able to get a hint when a major collection is about to occur, so I can stop
serving requests.


We have hacked up a small sample that seems to exhibit the same issue. 

We basically generate a linked list of objects. To increase connectedness,
elements in the list hold references (dummy_links) to 10 randomly chosen
previous elements in the list.

We then time a function that traverses 50000 elements from the list from a
random start point. If the traversal reaches the end of the list, we instead
traverse one of the dummy links. Thus, exactly 50K elements are traversed every
time. To generate some garbage, we build a list holding the traversed elements
and a dummy list of characters. 

Timings for the last 100 runs are stored in a circular buffer. If the elapsed
time for the last run is more than twice the average time, we print out a line
with the elapsed time, the threshold, and the 90% runtime (we would like to see
that the mean runtime does not increase with the number of elements in the list,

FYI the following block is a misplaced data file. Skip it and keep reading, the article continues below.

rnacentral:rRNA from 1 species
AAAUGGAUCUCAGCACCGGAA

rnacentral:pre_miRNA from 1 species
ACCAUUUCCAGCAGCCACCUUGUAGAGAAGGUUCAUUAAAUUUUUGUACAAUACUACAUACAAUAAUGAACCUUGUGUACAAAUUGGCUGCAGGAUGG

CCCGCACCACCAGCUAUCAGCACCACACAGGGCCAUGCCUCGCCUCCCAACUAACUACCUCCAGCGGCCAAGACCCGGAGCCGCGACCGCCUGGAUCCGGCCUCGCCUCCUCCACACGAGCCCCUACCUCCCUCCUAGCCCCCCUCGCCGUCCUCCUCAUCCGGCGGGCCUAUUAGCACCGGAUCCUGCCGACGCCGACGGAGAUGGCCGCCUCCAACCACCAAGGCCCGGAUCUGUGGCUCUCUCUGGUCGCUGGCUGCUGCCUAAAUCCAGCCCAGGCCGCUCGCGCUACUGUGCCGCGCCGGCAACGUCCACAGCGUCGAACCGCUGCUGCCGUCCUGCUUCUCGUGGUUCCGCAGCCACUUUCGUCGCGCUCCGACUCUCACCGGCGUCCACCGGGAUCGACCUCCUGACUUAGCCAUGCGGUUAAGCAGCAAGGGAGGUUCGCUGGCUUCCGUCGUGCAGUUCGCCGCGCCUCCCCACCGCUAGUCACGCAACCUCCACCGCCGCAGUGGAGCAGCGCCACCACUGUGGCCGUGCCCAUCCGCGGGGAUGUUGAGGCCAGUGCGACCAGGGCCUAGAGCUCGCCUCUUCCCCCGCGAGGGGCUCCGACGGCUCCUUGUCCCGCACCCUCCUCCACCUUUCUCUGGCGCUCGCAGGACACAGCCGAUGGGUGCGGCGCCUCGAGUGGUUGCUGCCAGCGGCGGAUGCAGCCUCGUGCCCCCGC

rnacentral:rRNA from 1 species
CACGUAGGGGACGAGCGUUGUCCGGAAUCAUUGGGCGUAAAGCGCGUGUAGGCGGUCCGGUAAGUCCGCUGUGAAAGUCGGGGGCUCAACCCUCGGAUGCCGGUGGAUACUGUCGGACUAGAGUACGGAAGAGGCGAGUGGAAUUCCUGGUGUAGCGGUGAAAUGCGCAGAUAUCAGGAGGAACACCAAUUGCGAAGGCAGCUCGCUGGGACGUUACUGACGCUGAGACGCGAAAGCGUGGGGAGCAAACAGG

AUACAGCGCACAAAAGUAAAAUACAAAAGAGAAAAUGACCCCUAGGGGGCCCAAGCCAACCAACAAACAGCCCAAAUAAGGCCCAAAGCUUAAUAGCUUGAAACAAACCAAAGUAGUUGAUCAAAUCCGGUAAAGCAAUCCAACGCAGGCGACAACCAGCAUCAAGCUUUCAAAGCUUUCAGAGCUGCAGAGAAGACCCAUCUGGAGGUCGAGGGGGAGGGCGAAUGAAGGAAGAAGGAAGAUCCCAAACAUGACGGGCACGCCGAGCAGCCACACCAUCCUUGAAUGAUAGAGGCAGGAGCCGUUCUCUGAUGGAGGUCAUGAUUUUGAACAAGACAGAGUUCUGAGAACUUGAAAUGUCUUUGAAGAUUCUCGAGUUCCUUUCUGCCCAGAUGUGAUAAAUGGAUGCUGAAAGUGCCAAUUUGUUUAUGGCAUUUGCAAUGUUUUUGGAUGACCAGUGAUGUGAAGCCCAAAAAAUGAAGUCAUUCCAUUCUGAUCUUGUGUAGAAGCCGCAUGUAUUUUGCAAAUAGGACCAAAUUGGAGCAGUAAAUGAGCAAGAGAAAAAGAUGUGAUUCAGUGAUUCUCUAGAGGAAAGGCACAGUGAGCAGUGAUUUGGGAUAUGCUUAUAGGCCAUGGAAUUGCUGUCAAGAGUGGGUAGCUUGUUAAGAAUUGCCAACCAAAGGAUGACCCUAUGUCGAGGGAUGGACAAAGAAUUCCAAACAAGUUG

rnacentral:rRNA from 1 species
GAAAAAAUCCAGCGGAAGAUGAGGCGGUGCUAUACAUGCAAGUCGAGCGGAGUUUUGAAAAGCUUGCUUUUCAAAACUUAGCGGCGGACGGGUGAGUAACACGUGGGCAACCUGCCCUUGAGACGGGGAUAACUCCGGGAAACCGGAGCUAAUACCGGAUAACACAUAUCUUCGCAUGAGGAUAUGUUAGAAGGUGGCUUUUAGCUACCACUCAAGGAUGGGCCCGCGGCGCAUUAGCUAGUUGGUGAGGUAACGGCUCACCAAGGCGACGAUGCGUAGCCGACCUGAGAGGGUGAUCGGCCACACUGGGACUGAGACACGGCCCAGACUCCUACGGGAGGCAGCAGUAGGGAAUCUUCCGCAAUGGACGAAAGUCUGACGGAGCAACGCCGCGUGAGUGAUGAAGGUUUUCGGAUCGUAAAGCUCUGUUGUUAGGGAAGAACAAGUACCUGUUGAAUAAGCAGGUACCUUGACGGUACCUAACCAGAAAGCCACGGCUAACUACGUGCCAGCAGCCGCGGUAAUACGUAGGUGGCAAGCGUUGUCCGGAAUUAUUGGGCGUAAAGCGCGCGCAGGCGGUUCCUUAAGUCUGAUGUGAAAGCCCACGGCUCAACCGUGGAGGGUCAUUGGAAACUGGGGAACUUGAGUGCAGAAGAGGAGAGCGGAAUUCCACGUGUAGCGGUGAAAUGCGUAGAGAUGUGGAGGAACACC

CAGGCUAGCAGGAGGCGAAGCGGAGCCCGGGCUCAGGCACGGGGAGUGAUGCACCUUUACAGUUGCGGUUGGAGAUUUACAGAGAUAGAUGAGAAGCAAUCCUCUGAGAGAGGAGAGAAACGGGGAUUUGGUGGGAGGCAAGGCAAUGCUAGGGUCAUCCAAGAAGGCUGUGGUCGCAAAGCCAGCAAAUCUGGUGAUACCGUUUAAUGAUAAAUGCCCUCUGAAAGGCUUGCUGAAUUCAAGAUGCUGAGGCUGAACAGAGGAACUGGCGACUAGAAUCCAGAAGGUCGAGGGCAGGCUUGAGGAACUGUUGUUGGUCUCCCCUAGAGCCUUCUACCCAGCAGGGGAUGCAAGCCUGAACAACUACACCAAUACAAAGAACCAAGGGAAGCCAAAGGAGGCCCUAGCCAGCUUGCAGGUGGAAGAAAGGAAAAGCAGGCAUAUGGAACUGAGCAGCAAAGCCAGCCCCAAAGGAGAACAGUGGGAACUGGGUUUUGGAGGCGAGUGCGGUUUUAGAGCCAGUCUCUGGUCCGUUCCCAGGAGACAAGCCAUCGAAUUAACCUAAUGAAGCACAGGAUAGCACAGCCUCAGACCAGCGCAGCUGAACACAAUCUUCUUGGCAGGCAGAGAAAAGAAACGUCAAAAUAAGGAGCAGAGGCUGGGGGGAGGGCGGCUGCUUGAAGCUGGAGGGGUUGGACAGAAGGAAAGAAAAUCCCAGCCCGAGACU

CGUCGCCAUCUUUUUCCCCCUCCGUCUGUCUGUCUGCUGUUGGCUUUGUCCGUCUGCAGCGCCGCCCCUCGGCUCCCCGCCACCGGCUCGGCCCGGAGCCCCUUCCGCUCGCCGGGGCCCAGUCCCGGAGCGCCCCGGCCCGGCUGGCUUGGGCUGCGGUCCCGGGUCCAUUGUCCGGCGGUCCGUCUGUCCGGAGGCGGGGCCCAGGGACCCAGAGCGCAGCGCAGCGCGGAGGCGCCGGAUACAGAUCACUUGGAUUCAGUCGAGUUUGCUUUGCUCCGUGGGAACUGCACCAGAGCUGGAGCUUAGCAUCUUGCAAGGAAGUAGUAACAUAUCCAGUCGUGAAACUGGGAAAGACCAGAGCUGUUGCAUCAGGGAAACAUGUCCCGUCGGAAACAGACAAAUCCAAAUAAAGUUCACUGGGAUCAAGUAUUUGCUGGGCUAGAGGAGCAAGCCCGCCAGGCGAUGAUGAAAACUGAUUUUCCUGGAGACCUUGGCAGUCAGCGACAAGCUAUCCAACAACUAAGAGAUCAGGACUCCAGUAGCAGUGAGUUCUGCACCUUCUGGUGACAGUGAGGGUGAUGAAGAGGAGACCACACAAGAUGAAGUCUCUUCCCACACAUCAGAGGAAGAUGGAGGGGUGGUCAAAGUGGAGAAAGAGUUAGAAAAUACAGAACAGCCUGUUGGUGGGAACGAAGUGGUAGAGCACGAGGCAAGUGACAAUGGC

but that the max time does increase (linearly with the number of object, i
guess); traversing 50K elements should be independent of the memory size).

We have tried monitoring memory consumption by external inspection, but cannot
consistently verify that memory is deallocated at the same time that we see slow
requests. Perhaps the pypy runtime doesn't always return freed pages back to the OS?

Using top, we observe that 10M elements allocates around 17GB after building,
20M elements 26GB, 30M elements 28GB (and grows to 35GB shortly after building).

Here is output from a few runs with different number of elements:

pypy mem.py 10000000
start build
end build 84.142424